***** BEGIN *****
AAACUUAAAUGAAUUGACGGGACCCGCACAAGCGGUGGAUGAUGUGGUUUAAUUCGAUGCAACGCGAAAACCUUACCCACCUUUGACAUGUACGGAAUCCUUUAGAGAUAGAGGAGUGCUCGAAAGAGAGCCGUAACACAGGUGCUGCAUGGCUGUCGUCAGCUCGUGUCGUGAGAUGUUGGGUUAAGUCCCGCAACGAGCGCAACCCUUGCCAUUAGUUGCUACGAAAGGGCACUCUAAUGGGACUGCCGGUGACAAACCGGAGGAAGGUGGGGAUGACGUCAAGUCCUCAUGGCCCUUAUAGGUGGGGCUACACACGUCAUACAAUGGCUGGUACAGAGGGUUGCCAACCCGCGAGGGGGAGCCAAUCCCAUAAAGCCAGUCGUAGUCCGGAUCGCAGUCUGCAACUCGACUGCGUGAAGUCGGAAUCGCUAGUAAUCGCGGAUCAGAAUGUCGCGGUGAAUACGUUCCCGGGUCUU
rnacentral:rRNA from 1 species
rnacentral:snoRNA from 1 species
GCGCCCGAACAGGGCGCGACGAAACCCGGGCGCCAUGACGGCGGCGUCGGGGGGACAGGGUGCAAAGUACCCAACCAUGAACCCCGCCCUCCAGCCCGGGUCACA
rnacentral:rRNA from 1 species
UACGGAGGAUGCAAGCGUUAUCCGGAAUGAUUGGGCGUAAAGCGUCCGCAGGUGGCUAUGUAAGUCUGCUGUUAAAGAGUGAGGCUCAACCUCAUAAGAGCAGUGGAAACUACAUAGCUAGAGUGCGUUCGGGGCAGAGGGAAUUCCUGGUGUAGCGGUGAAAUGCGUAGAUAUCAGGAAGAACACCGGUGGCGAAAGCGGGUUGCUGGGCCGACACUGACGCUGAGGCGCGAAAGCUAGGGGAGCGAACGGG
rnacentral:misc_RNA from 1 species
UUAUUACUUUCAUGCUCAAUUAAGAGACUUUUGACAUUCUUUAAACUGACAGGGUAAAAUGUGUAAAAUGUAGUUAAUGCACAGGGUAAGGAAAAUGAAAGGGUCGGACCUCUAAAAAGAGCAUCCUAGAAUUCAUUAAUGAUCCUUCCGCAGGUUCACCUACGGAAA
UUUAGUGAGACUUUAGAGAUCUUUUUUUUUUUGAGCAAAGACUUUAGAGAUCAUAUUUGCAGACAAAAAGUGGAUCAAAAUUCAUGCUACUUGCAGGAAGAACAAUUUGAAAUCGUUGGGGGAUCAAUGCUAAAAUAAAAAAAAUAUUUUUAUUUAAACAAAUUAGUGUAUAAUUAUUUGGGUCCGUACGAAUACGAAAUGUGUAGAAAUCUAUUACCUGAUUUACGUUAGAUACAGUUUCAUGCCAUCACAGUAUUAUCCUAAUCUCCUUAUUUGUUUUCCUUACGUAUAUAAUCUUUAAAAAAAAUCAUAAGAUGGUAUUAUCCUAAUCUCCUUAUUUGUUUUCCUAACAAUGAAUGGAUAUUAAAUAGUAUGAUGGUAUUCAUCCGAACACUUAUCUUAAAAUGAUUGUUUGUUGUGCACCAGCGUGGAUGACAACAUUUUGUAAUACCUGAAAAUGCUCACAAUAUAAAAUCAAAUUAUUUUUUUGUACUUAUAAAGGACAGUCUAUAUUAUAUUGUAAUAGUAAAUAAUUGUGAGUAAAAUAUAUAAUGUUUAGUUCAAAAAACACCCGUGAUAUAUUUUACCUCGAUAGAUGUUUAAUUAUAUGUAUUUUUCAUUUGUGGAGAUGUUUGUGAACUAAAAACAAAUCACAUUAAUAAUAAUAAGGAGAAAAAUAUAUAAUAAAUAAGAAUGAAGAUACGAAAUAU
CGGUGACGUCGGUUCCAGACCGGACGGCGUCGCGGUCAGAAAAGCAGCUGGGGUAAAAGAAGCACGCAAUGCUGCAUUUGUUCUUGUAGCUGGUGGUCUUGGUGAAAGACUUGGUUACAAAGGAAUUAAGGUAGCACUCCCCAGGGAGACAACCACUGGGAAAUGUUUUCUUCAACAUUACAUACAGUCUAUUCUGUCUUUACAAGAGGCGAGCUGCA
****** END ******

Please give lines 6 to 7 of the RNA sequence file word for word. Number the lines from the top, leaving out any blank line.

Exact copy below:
UACGGAGGAUGCAAGCGUUAUCCGGAAUGAUUGGGCGUAAAGCGUCCGCAGGUGGCUAUGUAAGUCUGCUGUUAAAGAGUGAGGCUCAACCUCAUAAGAGCAGUGGAAACUACAUAGCUAGAGUGCGUUCGGGGCAGAGGGAAUUCCUGGUGUAGCGGUGAAAUGCGUAGAUAUCAGGAAGAACACCGGUGGCGAAAGCGGGUUGCUGGGCCGACACUGACGCUGAGGCGCGAAAGCUAGGGGAGCGAACGGG
rnacentral:misc_RNA from 1 species